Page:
You might be excused for wondering what all the shouting is about when you roll up on Café Breizh for the first time. It sits towards the far end of one of those generic strip malls that are as Las Vegas as slot machines in a grocery store.

But do not be deterred by the surroundings, for once inside you will find the best French pastries in town. The selection is small but the craftsmanship, artistry and intense flavors will grab you from the first bite. There is no better croissant in Vegas, on or off the Strip; the chocolate éclair is so packed with custard it threatens to burst its pastry case, and the picture-perfect tarts do that tri-level taste thing (crusty, creamy, and fruity) that the French perfected around the time the musketeers were buckling their swashes.

Pierre Gatel is the chef, owner and hand-maker of each of these, and from the day he opened three years ago (after a stint at the Wynn), Francophiles, Napoleon nabobs and Danish devotees have made a beeline here for his creations. He also does a limited number of baguettes every day which sell like hotcakes, so go early if you want to grab a loaf and feel like les Français on your way home.

Las Vegas is blessed with a wealth of pastry talent, but most of it stays in the hotels. Now we have one of them staging his magic right on south Fort Apache, in a spot that feels like a slice of Paris, and the alchemy he performs daily with butter, flour, cream and sugar is something to behold.

 NEW RESTAURANT OF THE YEAR – Vetri

Vetri(Vetri got our goat)

Vetri, if you let it, will take your breath away. The qualifier is important because, magnificent as it is, Vetri isn’t for everyone. Crowd-pleasing isn’t in its vocabulary, and pizzas and chicken parm are nowhere to be found. This is sophisticated Italian fare, the kind well-heeled northern Italians eat.  All of it served in a nonpareil setting — 56 floors up, without a doubt the most spectacular of any Italian restaurant in the country — a location that puts to lie the old adage that the higher you get off the ground the worse the food gets.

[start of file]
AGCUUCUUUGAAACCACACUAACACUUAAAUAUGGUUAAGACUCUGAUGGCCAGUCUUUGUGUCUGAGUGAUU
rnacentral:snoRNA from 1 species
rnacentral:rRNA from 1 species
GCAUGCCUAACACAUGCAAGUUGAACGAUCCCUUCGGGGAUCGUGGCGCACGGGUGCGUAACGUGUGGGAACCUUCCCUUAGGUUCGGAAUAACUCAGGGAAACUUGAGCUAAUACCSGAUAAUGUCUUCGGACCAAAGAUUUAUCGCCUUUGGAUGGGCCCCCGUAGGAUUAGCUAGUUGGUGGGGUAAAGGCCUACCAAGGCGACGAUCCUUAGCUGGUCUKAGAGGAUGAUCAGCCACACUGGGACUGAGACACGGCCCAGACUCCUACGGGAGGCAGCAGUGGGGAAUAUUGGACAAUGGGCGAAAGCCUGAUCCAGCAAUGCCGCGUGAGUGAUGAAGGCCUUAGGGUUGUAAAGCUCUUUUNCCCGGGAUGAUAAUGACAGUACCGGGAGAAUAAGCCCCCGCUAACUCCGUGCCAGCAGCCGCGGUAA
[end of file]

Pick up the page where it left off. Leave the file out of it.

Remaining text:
Marc Vetri made his name in Philadelphia, running what many consider the best Italian restaurant in America. With this offshoot he has bestowed upon Las Vegas a jewel box of restaurant loaded with Piemonte gems foreign to most people’s Italian vocabulary — casoncelli, tonnarelli cacio e pepe, Swiss chard gnocchi, not to mention smoked roasted goat — all of it unique to Las Vegas and every bite a revelation.

No restaurant enhanced Vegas’s foodie cred more than it did in the past year, and at a time when everyone is announcing the death knell of fine dining, The Palms brought a dose of big city sass to our scene. You don’t have to dress to the nines to go there, but the food on your plate (and that view) will make you feel like a million bucks. Quite a splash for something residing so high in the sky.

CHEF OF THE YEAR – Matthew Hurley

Matthew Hurley(You can’t beat this man’s meat)

In the past few years, it’s become deliciously obvious to us that Wolfgang Puck’s CUT ought to be re-named Matthew Hurley’s CUT. We’re kidding of course, because it is Puck’s gastronomic gravitas that enables Las Vegas to have one of the world’s greatest steakhouses in our backyard.

But calling CUT just another celebrity beef boutique would be a grave injustice, because by flexing his own culinary muscles, Hurley has taken CUT to a level few meat emporiums could ever dream of.  No doubt his creations are highly vetted by his corporate masters, but they give him more than a little latitude to play with his food, and what he has done with his freedom, and all the top shelf ingredients at his disposal, is stunning.